Oregon’s homeless population rose by 4% from 2017 to 2018.
Oregon has seen a 30% decline in its homeless population in the last decade, but its share of homeless residents still ranks fourth in the US.
In early 2016, the Portland Police Association criticized Mayor Ted Wheeler for placing the responsibility to mitigate homelessness on the shoulders of police officers.
“Our city has become a cesspool,” the association wrote on Facebook. “The Portland Police Bureau has not been given nearly enough resources to fulfill its small piece in addressing the homelessness crisis.”
The city later estimated that it would need as much as $640 million to build 2,000 units of supportive housing in the next 10 years.
California still represents nearly a quarter of the US homeless population.
- Mario Tama/Getty Images
Less than 0.4% of California residents are homeless, but the state’s homeless residents make up nearly a quarter of the US’ total homeless population. That’s because California is home to four of the 10 cities with the largest homeless populations in the country: Los Angeles, San Francisco, San Diego, and San Jose.
The homelessness crisis in San Francisco is by far the most acute; Leilani Farha, a United Nations special rapporteur, has called it a “human rights violation.” From 2017 to 2019, the city saw its homeless population rise by 30%.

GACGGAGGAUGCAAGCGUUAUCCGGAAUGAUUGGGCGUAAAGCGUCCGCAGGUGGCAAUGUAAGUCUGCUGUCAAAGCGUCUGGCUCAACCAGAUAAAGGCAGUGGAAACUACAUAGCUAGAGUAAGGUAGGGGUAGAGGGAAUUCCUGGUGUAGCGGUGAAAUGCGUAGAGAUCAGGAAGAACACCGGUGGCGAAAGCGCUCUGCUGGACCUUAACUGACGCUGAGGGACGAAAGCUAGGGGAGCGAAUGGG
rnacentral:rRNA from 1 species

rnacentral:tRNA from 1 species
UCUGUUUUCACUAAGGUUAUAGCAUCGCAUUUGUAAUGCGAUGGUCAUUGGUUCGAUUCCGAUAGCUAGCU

Washington state has around 22,000 homeless residents.
- Shannon Stapleton/Reuters
Washington has about as many homeless residents as Oregon and DC combined, but its share of homeless residents is smaller relative to its total population.
Much of the state’s homeless population is concentrated in Seattle, where homelessness has risen by 9% each year since 2014. King County, in which Seattle is located, created a 10-year plan to combat homelessness; but the deadline has come and gone, and the crisis shows no sign of slowing.
In recent years, tent cities have grown in Seattle. The large homeless encampments are sanctioned by the government.
Massachusetts saw a dramatic uptick in homelessness from 2017 to 2018.
The state’s homeless population rose by 14% within a year – one of the sharpest increases of any US state.
Kelly Turley, associate director of the Massachusetts Coalition for the Homeless, told Boston.com that rising housing costs were largely responsible for the uptick.
Massachusetts now has more than 20,000 homeless residents, around 6,000 of whom are in Boston. The majority of the state’s homeless population – around 13,200 people – are families with children. Only 1,400 individuals in Massachusetts are chronically homeless, meaning they’ve been homeless for at least one year or four times in the last three years.
Alaska’s homeless population is rising, too.
Alaska has a relatively small homeless population compared to the other states on this list, with a little more than 2,000 homeless residents. But that number has risen by more than 22% in the last decade. Much of this growth took place from 2017 to 2018, when the state’s homeless population increased by 9%.
Around half of the state’s homeless population is located in the city of Anchorage.
Homelessness is particularly dangerous in Alaska, since temperatures there can fall below freezing from October to April.
The vast majority of Nevada’s 7,500 homeless residents hail from Las Vegas.
- Spencer Platt/Getty Images
Homelessness in Vegas appears to be on the rise, despite a 13% statewide decline in Nevada over the last decade.
The issue may stem from the city’s rental crisis, which has caused 86% of extremely low-income households to become cost-burdened. The city of Las Vegas has opted to buy up some of this land and build legal courtyards and facilities for the homeless.